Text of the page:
DOT... LETTER... WORD...
Poems from 2008
The Ant Walked Through The Door
The ant walked through the door,
Which turned into a crescent sword.
The floor heaved, it bounded, it gently billowed,
Entire oceans drained into small wormholes.
Clouds were whisked away
And left skies with stark terror on their faces.
Cars that were driving purposefully
Tumbled into the San Andreas fault.
And no wonder old people tottered fearfully along the undulating boardwalk,
No wonder love shut the slats of its concession stand,
No wonder the Warbasse apartments shuddered,
No wonder buttered toast ceased to thrill the acquisitive mind.
The cat sat in the high cabinet
The smell of salt was invisible, it rested upon the chestnut trees.
The curious automobiles came and went on their secret rounds,
And Mrs. Baum stood in her kitchen, preparing chicken.
A Quantity of Wheat
It seems that such a quantity of wheat will be sold today,
That the markets will be filled with the rustle of cloths,
The sun will beat down hotly on sandaled feet,
Storekepers will cry their wares with distorted faces,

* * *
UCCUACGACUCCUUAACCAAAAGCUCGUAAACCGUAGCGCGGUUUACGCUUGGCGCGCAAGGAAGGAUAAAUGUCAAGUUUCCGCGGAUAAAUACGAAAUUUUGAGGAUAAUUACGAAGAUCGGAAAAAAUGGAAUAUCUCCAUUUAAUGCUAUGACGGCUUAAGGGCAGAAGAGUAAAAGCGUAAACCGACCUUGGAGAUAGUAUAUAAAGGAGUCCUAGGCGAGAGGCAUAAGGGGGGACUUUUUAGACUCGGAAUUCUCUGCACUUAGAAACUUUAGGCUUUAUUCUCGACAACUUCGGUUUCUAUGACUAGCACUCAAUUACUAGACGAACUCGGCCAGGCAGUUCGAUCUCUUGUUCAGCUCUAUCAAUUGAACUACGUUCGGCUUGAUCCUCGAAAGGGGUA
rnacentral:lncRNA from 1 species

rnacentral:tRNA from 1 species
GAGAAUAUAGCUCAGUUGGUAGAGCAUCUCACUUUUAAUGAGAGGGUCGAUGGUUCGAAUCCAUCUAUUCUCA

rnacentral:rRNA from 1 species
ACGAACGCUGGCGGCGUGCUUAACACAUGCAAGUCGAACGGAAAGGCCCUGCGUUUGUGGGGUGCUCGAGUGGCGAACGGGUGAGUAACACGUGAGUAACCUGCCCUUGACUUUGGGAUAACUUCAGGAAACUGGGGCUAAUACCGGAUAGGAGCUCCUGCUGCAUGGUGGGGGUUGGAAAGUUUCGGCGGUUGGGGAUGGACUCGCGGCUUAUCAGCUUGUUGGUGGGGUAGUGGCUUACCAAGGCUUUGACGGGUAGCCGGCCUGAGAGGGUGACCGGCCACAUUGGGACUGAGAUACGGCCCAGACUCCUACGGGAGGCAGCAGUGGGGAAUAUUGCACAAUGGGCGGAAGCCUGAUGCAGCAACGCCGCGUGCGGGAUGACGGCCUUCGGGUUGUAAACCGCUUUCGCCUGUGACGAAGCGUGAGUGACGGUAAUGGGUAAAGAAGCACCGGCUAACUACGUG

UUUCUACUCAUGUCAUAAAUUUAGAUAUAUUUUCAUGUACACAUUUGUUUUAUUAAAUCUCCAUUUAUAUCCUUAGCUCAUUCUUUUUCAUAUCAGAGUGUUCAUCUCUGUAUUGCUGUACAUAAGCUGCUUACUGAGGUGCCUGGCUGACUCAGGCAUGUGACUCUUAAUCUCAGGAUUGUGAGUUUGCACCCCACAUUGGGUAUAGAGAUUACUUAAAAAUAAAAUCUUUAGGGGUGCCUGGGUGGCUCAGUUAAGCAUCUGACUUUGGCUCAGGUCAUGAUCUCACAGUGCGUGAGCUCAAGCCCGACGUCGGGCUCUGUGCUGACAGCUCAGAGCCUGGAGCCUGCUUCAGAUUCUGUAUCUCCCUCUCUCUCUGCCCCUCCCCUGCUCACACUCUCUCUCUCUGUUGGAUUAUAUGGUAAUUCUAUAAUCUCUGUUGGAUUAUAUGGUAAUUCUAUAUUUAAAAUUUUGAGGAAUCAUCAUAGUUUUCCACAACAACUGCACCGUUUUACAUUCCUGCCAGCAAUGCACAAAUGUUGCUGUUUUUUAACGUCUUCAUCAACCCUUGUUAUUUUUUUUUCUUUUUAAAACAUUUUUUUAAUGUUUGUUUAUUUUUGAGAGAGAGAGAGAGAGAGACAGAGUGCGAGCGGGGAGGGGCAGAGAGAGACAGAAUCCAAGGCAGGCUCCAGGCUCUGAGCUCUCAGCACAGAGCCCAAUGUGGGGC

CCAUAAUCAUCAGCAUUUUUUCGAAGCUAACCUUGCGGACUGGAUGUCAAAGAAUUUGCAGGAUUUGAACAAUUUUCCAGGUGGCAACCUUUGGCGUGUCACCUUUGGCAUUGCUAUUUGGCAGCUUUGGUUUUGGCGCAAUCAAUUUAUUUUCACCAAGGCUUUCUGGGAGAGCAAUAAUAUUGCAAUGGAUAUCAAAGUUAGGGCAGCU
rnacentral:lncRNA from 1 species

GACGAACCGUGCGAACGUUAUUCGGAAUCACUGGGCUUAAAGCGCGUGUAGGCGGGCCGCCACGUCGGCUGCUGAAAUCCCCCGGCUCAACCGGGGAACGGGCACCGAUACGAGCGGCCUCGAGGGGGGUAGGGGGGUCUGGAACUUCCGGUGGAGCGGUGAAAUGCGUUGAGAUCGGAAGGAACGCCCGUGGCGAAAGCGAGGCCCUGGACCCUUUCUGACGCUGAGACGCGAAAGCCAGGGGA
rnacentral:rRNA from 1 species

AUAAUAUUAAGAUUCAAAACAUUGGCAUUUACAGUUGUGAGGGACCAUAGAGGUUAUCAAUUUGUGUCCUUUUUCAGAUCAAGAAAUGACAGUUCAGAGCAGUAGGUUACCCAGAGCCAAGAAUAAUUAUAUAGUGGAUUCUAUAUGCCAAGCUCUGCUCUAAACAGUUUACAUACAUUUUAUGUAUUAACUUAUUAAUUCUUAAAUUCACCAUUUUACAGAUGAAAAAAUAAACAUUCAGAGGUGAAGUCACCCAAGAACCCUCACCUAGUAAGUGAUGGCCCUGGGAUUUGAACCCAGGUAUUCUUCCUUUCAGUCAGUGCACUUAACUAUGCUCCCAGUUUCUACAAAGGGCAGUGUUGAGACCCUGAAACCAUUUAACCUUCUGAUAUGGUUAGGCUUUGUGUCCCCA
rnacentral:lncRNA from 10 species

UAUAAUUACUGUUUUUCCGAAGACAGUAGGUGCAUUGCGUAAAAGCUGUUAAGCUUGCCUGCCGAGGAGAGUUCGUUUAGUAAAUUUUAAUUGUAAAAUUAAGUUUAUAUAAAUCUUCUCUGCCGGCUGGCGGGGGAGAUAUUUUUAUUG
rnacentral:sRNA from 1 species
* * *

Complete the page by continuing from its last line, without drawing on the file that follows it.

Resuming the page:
In shadowed alcoves, men will drink sweetened, yellow drinks,
The long lines of camels will shimmer from the distance in the hot, bright air,
The pastry boy will rush through the crowd
With a fragrant tray of sweet loaves,
From the bakery to which merchants brought flour
From mills that stand silent upon the river flowing to the sea.
In the bakery men work frantically
Shaping flour into dough and dough into bread and pastries
That is carried on platters through the bazaar blazing streets,
To the homes of satraps,
To the doors of impoverished widows,
Bringing satiety, bringing delight,
Bringing the mystery of their scent.
The Moon Swiveled Around
The moon swiveled around
So that I could only see the back of her head.
How silent were the stars.
But we, we were chattering in the back seat,
In the front seat,
We flipped through the puddles,
We raced through the snowfields,
We rushed up the mountains to fields of caravans,
We hunched over and dug for radishes,
We were pursued by a beating heart through the windy downtown tenements in our dreams,
We curled in sleep in the branches of the universal tree
And slept, beloved.
The mystic moon was as clear as steel,
As tearless as glass,
As bright as a scintillating day
That waited patient and expectant,
That was the absence of all self
Except for the lumbering Jackson Pollack souls,
All of us, spattered exclamations of black, red, yellow ferment
Seeping into the sere dawn,
Our scattered colors catching on the colors of others,
The moon turned her head and the heavens were still,